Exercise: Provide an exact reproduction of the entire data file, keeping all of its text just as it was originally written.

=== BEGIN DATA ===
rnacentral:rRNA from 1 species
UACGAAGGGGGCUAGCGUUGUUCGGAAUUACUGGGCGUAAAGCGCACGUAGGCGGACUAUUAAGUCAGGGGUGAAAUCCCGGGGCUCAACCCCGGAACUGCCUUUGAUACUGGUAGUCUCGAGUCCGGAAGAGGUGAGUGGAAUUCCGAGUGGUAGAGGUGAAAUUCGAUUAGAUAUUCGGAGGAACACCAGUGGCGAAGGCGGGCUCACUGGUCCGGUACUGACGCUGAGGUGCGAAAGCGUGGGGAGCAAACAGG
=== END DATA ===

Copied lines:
rnacentral:rRNA from 1 species
UACGAAGGGGGCUAGCGUUGUUCGGAAUUACUGGGCGUAAAGCGCACGUAGGCGGACUAUUAAGUCAGGGGUGAAAUCCCGGGGCUCAACCCCGGAACUGCCUUUGAUACUGGUAGUCUCGAGUCCGGAAGAGGUGAGUGGAAUUCCGAGUGGUAGAGGUGAAAUUCGAUUAGAUAUUCGGAGGAACACCAGUGGCGAAGGCGGGCUCACUGGUCCGGUACUGACGCUGAGGUGCGAAAGCGUGGGGAGCAAACAGG